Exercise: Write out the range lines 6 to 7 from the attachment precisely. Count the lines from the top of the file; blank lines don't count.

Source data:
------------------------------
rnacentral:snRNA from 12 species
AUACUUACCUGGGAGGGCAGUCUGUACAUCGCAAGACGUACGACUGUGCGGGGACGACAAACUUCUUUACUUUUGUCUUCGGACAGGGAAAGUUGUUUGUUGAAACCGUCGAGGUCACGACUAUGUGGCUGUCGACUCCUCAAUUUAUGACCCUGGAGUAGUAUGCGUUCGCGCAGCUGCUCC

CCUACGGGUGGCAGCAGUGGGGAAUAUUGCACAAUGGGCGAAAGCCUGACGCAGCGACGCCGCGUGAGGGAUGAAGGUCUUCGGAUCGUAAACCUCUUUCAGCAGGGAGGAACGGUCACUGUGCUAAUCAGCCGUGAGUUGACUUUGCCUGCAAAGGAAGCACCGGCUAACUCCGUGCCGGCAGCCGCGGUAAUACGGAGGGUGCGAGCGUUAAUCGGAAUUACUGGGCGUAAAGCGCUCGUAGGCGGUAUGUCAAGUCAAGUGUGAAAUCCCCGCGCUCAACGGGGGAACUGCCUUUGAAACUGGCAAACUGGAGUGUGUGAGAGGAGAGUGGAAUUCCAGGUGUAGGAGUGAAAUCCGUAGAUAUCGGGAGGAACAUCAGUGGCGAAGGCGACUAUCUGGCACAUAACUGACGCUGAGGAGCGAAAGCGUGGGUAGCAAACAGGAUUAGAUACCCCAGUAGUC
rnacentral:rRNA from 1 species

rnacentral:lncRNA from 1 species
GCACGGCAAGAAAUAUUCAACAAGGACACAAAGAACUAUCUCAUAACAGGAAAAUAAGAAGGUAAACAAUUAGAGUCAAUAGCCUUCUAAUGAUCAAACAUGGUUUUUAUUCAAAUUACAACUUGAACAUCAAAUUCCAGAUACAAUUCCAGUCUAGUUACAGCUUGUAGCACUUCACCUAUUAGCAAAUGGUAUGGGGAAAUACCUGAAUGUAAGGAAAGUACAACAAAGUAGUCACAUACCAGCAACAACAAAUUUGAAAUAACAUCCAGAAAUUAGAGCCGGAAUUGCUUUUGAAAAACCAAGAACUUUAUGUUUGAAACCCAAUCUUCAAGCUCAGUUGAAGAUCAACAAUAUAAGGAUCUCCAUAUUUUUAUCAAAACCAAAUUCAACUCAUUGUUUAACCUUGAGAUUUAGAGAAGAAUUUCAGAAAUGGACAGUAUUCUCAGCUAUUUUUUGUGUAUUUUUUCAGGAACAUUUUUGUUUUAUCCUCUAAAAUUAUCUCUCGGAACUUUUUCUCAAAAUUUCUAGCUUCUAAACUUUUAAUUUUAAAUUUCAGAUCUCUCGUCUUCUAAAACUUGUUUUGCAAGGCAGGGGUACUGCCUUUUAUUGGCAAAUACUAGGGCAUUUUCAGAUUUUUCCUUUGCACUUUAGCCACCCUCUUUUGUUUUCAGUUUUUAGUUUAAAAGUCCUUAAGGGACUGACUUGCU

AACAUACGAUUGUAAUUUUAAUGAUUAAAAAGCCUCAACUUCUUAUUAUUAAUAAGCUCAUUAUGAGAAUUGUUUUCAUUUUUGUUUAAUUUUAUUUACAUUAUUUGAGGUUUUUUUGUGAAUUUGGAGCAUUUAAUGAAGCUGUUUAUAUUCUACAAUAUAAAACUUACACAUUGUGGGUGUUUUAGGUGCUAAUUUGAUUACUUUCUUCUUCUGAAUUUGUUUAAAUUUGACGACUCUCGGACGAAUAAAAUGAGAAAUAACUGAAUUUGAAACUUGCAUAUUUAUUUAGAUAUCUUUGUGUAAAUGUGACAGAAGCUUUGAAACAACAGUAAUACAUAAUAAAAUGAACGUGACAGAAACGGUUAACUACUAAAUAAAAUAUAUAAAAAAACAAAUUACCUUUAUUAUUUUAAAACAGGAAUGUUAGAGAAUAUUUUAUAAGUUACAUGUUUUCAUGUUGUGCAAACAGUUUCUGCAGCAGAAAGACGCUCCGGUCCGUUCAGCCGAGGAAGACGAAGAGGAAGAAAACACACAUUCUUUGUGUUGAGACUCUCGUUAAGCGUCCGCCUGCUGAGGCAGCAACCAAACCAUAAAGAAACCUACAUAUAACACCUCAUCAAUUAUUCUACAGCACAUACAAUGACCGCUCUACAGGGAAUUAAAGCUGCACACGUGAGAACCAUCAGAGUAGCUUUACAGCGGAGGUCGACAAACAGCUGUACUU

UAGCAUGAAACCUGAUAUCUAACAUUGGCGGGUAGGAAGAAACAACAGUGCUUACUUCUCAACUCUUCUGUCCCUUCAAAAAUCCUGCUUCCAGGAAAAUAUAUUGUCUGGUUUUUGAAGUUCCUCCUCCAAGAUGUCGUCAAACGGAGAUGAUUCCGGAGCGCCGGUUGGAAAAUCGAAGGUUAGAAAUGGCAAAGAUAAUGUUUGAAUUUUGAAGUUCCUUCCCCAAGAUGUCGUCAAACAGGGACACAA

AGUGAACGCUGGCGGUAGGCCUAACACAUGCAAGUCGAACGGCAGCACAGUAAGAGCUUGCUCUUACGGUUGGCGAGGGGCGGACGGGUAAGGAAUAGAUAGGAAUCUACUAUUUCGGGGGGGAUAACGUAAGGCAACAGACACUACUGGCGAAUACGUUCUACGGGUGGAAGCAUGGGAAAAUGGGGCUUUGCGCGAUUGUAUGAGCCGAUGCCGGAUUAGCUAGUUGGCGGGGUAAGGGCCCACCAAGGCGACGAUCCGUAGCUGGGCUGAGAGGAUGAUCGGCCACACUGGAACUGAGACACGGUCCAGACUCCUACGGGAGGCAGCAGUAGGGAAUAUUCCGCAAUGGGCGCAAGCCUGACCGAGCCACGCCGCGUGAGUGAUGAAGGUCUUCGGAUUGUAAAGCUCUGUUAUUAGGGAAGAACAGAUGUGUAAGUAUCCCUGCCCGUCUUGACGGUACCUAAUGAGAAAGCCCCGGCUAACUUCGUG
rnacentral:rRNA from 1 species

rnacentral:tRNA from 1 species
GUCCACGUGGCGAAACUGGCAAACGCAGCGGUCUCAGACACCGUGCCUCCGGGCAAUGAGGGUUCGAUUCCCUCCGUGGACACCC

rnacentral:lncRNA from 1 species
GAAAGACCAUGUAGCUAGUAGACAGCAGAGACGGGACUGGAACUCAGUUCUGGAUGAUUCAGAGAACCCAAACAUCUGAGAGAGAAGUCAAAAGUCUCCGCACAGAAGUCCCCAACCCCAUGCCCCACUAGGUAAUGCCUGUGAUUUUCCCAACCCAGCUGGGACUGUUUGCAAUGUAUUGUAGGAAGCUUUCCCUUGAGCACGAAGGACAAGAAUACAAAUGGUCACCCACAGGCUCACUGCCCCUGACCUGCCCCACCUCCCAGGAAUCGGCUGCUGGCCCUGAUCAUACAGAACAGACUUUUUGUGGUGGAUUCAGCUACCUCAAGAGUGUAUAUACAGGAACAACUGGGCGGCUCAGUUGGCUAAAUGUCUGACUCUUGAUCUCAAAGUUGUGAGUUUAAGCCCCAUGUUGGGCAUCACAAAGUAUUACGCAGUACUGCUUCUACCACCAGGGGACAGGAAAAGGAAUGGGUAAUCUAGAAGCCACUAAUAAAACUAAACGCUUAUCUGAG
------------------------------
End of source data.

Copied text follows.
GCACGGCAAGAAAUAUUCAACAAGGACACAAAGAACUAUCUCAUAACAGGAAAAUAAGAAGGUAAACAAUUAGAGUCAAUAGCCUUCUAAUGAUCAAACAUGGUUUUUAUUCAAAUUACAACUUGAACAUCAAAUUCCAGAUACAAUUCCAGUCUAGUUACAGCUUGUAGCACUUCACCUAUUAGCAAAUGGUAUGGGGAAAUACCUGAAUGUAAGGAAAGUACAACAAAGUAGUCACAUACCAGCAACAACAAAUUUGAAAUAACAUCCAGAAAUUAGAGCCGGAAUUGCUUUUGAAAAACCAAGAACUUUAUGUUUGAAACCCAAUCUUCAAGCUCAGUUGAAGAUCAACAAUAUAAGGAUCUCCAUAUUUUUAUCAAAACCAAAUUCAACUCAUUGUUUAACCUUGAGAUUUAGAGAAGAAUUUCAGAAAUGGACAGUAUUCUCAGCUAUUUUUUGUGUAUUUUUUCAGGAACAUUUUUGUUUUAUCCUCUAAAAUUAUCUCUCGGAACUUUUUCUCAAAAUUUCUAGCUUCUAAACUUUUAAUUUUAAAUUUCAGAUCUCUCGUCUUCUAAAACUUGUUUUGCAAGGCAGGGGUACUGCCUUUUAUUGGCAAAUACUAGGGCAUUUUCAGAUUUUUCCUUUGCACUUUAGCCACCCUCUUUUGUUUUCAGUUUUUAGUUUAAAAGUCCUUAAGGGACUGACUUGCU

AACAUACGAUUGUAAUUUUAAUGAUUAAAAAGCCUCAACUUCUUAUUAUUAAUAAGCUCAUUAUGAGAAUUGUUUUCAUUUUUGUUUAAUUUUAUUUACAUUAUUUGAGGUUUUUUUGUGAAUUUGGAGCAUUUAAUGAAGCUGUUUAUAUUCUACAAUAUAAAACUUACACAUUGUGGGUGUUUUAGGUGCUAAUUUGAUUACUUUCUUCUUCUGAAUUUGUUUAAAUUUGACGACUCUCGGACGAAUAAAAUGAGAAAUAACUGAAUUUGAAACUUGCAUAUUUAUUUAGAUAUCUUUGUGUAAAUGUGACAGAAGCUUUGAAACAACAGUAAUACAUAAUAAAAUGAACGUGACAGAAACGGUUAACUACUAAAUAAAAUAUAUAAAAAAACAAAUUACCUUUAUUAUUUUAAAACAGGAAUGUUAGAGAAUAUUUUAUAAGUUACAUGUUUUCAUGUUGUGCAAACAGUUUCUGCAGCAGAAAGACGCUCCGGUCCGUUCAGCCGAGGAAGACGAAGAGGAAGAAAACACACAUUCUUUGUGUUGAGACUCUCGUUAAGCGUCCGCCUGCUGAGGCAGCAACCAAACCAUAAAGAAACCUACAUAUAACACCUCAUCAAUUAUUCUACAGCACAUACAAUGACCGCUCUACAGGGAAUUAAAGCUGCACACGUGAGAACCAUCAGAGUAGCUUUACAGCGGAGGUCGACAAACAGCUGUACUU